Healthcast : A Study on Smoking Cigarettes and Risk of Heart Disease, Stroke

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Healthcast : A Study on Smoking Cigarettes and Risk of Heart Disease, Stroke

"What's clear is that people who only smoke say one-one, two three-cigarettes per day, instead of having that risk as one twentieth compared to somebody who smokes 20 a day, it's much higher than one twentieth", Hackhaw said in an interview.

Men who smoked one cigarette per day had 46 percent of the excess risk of heart disease and 41 percent of the excess risk of stroke associated with smoking 20 cigarettes per day - much higher than the expected figure of five percent.

The review of more than 140 scientific studies was led by Professor Allan Hacksaw from the UCL Cancer Institute at University College London, and states: 'No safe level of smoking exists for cardiovascular disease.

While the percentage of adults in the United Kingdom who smoked had been falling, the proportion of people who smoked one to five cigarettes a day had been rising steadily, researchers said.

The research team looked at the risks from smoking one, five, or 20 cigarettes per day inn a trawl of studies from 1946 to 2015.

Researchers compared the effects of smoking a single cigarette to smoking 20 a day and found there wasn't a huge difference in the effects.

Smoking can cause a drastic detrimental effect on your health, affecting many elements of the body including your circulation, your heart, your brain, your lungs and your fertility.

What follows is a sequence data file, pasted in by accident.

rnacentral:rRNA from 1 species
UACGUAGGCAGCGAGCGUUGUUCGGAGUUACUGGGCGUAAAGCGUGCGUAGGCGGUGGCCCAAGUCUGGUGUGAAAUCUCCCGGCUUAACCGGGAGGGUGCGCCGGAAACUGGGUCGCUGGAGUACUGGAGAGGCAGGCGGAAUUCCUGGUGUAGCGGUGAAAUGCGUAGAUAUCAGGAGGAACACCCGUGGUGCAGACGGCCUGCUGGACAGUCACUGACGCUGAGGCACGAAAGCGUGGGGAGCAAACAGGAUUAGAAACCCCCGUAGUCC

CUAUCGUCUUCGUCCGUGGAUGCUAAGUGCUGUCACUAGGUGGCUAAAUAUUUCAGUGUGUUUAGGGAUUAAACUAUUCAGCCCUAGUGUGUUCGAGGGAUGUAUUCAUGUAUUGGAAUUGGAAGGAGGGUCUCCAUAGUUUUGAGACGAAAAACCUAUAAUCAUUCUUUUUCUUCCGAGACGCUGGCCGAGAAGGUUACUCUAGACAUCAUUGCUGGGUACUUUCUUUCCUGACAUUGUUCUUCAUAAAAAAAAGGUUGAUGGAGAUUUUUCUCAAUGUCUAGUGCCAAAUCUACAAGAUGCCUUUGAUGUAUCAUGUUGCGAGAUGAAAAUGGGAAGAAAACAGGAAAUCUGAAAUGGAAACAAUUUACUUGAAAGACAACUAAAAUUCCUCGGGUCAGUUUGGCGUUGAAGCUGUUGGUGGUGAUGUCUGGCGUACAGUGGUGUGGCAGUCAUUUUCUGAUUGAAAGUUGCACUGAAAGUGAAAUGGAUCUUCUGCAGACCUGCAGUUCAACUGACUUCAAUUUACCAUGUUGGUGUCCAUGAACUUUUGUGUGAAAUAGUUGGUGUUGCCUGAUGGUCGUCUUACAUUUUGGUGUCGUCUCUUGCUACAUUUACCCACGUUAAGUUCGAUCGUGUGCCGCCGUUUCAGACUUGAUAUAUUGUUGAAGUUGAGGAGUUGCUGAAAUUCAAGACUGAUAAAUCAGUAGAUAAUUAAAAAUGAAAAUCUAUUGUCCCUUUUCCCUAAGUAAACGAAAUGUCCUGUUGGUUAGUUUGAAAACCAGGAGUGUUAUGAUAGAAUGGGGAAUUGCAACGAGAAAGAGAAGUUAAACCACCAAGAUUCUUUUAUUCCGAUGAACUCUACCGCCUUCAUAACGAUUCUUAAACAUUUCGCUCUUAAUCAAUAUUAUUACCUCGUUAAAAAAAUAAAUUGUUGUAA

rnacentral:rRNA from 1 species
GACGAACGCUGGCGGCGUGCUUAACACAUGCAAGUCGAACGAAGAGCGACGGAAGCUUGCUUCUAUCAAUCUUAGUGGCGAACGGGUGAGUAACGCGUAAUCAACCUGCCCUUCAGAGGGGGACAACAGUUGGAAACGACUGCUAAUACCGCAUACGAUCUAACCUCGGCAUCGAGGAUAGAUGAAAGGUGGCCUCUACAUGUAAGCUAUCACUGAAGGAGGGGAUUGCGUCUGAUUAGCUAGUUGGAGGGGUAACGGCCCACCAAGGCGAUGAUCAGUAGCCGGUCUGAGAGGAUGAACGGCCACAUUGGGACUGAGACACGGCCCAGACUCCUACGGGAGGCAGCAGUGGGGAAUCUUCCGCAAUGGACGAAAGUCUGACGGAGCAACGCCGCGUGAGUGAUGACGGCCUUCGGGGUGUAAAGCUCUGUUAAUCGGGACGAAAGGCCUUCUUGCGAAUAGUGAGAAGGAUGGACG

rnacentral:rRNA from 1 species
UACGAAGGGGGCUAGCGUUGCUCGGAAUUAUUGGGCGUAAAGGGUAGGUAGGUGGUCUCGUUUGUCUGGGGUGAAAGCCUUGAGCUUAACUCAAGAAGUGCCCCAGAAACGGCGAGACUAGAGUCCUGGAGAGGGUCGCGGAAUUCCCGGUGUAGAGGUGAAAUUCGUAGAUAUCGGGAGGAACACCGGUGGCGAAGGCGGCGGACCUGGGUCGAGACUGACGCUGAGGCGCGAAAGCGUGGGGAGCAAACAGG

The findings counter the belief that smoking fewer cigarettes may reduce risks associated with smoking. "Whilst that is true for cancer, it doesn't seem to be true for heart disease or stroke".

Smokers need to quit cigarettes rather than cut back on them to significantly lower their risk of heart disease and stroke, a large BMJ study suggests.

Women's heart disease risk was more than doubled with one cigarette per day, according to one analysis in the research. The investigators estimated that cigarette smoking or only one cigarette per day will be correlated with approximately 5% of the surplus relative probability of cigarette smoking.

'This probably comes as a surprise to many people.

For women, it was higher - 57% for heart disease and 31% for stroke. "There is no safe level of smoking".

But he said it was wrong to conclude cutting down smoking was useless. Only complete cessation is protective and should be emphasised by all prevention measures and policies'.

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